Artist Carol Wagstaff is back at the Arundel Gallery Trail
Steyning artist Carol Wagstaff is delighted to be joining the Arundel Gallery Trail once again after a successful debut last year.
A multi-media artist whose work observes and explores the chaotic and beautiful world that we inhabit, as she says, inevitably, the pandemic has changed her.
“I can’t imagine that your work could not change because of the pandemic, but I would say that the work I will be showing is more visceral, more unfiltered than before. I have come around to becoming more abstracted, even more so than I was before.
“And I have left the work as it is. I would never try to prettify my work, but this time I have left it in a very raw state. Sometimes I work very quickly; sometimes I work very slowly. But most of the work I have done recently has happened very quickly, and I have looked at it and I have thought ‘What else do I need to do?’ and I have decided, no, I am going to leave it just as it is.”
Born in London, and growing up in Hertfordshire, Carol has lived in rural Sussex for the past 30 years.
After a career in the beauty industry, and with a keen interest in all things creative, she decided as a mature student to embark on a foundation course, followed by a degree in fine art, graduating in 1998.
Her work often addresses the uncomfortable effects on us of environmental changes and global conflicts, and in 2013 and 2015 Carol gained awards for work that depicted the impact of human decisions. Her images are often made in response to the ongoing humanitarian crisis and disenfranchised peoples across the world.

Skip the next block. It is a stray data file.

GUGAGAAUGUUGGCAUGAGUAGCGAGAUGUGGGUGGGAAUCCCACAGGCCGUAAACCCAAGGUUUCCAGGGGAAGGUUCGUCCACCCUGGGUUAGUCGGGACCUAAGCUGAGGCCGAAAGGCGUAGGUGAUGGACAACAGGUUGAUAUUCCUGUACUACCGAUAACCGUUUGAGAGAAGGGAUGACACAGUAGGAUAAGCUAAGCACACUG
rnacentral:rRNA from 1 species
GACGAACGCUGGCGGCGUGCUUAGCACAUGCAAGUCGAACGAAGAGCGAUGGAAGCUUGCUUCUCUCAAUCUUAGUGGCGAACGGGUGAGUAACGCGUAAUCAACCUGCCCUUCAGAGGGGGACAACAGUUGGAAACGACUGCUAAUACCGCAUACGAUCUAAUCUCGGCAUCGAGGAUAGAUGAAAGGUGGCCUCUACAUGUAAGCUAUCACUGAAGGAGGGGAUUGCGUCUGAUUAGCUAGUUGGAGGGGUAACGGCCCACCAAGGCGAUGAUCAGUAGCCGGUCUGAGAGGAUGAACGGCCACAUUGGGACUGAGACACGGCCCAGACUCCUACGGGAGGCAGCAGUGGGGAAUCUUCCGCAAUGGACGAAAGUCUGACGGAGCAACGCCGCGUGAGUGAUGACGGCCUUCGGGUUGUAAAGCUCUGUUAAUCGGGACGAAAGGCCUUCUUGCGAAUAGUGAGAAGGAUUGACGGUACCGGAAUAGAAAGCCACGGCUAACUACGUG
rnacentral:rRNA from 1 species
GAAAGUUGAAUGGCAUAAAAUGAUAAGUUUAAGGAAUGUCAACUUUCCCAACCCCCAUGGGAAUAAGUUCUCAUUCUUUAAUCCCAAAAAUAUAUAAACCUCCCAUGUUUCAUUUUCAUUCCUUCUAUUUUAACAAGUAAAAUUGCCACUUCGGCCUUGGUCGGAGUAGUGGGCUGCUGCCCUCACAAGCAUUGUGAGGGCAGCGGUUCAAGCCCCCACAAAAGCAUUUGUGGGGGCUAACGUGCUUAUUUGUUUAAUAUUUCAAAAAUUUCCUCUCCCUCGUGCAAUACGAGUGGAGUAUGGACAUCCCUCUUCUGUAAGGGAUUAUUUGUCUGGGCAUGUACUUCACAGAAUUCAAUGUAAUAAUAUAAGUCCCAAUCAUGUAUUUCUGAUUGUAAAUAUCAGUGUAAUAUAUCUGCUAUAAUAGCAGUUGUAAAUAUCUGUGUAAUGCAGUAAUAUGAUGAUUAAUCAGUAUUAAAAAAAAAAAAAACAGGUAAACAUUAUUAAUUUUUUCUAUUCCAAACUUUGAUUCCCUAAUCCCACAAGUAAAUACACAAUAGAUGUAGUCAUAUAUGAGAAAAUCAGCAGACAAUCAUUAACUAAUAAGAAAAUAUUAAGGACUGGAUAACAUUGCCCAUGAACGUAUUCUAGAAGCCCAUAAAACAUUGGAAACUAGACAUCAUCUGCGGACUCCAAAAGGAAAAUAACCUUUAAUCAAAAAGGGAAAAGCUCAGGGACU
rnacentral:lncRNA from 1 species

This year, Carol joins the Arundel Gallery Trail at The Victoria Institute, 10 Tarrant Street, Arundel BN18 9DG, from August 26-29 plus Bank Holiday Monday, August 30.
The pleasure of the art trail is partly in meeting other artists, she says: “I am exhibiting as a solo artist, but there are other elements going on around the building. There are sculptors showing their work, and I think it makes for a much more interesting experience for everyone.
“Not everyone will engage with everyone’s work, but if anybody does with mine, I will be very interested to talk to them.
“A lot of my work involves environmental and humanitarian issues, and sometimes it is not necessarily comfortable or pretty work, but it is emotional work and if someone gets that, then that is the most important thing. I have had people in tears in front of my work, and in a way that is the ultimate accolade.
“But certainly this last year, with this mad world, I have been exploring colour more and exploring abstraction more… as I say, in this rather more visceral and unfiltered way.”
Another element in Carol’s Arundel Trail contribution will be a photographic study of the Tarrant Street traders: “I thought it would be an interesting project to pull together a series of photographs of the shopkeepers in Tarrant Street, and fortunately many of them were agreeable. I will put it together on a wall, separate images.
“I just thought it would be interesting to have a snapshot of these traders in their environment, in this moment, these people that keep the wheels running, the cogs in the Arundel wheel, the people that bring services and friendship to a vibrant community culture.”